ICA Classics appears to be a label dedicated to in-house tapes of live
Covent Garden performances of the mid-to-late Fifties. Of the three sets
reviewed here, all share constricted audio that mutes the orchestra but gives
voices — at least the stronger ones — satisfactory prominence. Tape hiss,
while audible, will not bother any but the most sensitive after a short period
of adjustment. The question becomes then — how many “carats” can be
ascribed for these nuggets from one of opera’s supposed Golden Ages?
The most fun comes with the 1960 Il Barbiere di Siviglia, with
conductor Carlo Maria Giulini leading a tastefully raucous performance. The
audience takes longer than the singers to warm up, by the time act one
concludes, the stage action has broken through any stereotypical British
reserve, and the extended bouts of laughter will make most any listener
impatient to know what was happening on stage. Rolando Panerai sings a
youthful, confident Figaro, but most of the laughter seems centered around the
Bartolo of Fernando Corena. Luigi Alva offers a stylish Conte d’Almaviva, and
for some of us, it’s nice to end this opera without the extended aria Rossini
cut and later used in Cenerentola. Juan Diego Florez fires up standing ovations
with this piece when he takes on the role, but it is narratively redundant and
shifts the focus away from what should be an ensemble finale. Teresa Berganza
made Rosina a specialty. There is much evidence here of the special quality she
brought to the role — feminine and feisty — but either the stage action
placed her further from the source microphone or the quality of her voice was
not as susceptible to off-stage miking. Her vocal effect is dimmed by a
A couple of years before that 1960 performance Maria Callas made a notable
appearance as Violetta in Verdi’s La Traviata. Although still in her
mid-30s, 1958 finds Callas in variable voice. The middle still has warmth and
agility, but the top is awkwardly approached and often unpleasant, although
Callas holds onto high notes as if hoping the quality will improve through
sheer determination. Act three comes off best, as she doesn’t have to extend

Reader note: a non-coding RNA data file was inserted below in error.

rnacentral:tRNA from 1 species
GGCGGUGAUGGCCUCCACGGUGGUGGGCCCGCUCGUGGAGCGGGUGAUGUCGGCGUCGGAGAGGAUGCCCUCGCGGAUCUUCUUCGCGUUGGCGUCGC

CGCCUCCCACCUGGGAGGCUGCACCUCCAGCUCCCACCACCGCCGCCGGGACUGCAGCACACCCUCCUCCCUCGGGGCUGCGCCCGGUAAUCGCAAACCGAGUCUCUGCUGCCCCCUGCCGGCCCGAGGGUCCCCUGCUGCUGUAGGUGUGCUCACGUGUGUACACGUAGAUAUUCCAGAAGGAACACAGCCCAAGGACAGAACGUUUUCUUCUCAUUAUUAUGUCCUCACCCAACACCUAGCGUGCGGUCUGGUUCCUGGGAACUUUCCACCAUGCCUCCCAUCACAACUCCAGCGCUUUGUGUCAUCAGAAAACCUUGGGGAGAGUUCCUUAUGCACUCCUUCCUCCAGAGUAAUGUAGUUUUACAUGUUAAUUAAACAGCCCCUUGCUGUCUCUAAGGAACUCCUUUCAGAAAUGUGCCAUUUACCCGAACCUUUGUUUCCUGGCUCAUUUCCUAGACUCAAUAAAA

upwards as much. Then again, it may have been an off-night for everyone. The
stylish light tenor Cesare Valletti starts off “Un di felice” as if unsure
of the key, and then seems to struggle with conductor Nicola Rescigno over
tempo. He improves as the night progresses, but this is probably not a
performance he would have wanted a permanent record of. Mario Zanasi is a
competent Germont, not much more. This is a document for Callas-philes.
And for those still adhering to a supposed “Callas vs. Tebaldi” fan
feud, the 1955 Tosca finds Tebaldi in glorious voice. Although the
great soprano tends to let the sheer beauty and size of her voice carry much of
the characterization, she does offer some moments of personal insight,
including a spookily whispered repetition of “Mori!” at Scarpia’s death,
and a sudden scream as her own final leap. For Cavaradossi Ferruccio Tagliavini
pushes his voice forward, perhaps to match Tebaldi. While retaining his
individual sound, Tagliavini stays at one emotional pitch, even in his act
three showpiece. The biggest and saddest surprise is the Scarpia of Tito Gobbi.
This is a role with which he will forever be identified, but as recorded here,
he sounds dry all night, shouting for effect. One grows eager for Tosca to get
her revenge. Conductor Franceso Molinari-Pradelli supports Puccini and the
singers well, including a soprano “boy shepherd” in act three who sounds
exactly like a mature soprano.
ICA Classics provides a brief booklet note that gives some basic details
about the run of performances from which the recordings are drawn.
Unsurprisingly, those commentators find each performance to be a long-lost gem.
At budget price, there’s not much risk for the curious fan who would like to
close his or her eyes, hop in an imaginary time machine and imagine themselves
in London for these performances. Of the three, only the Barbiere gets
a recommendation here.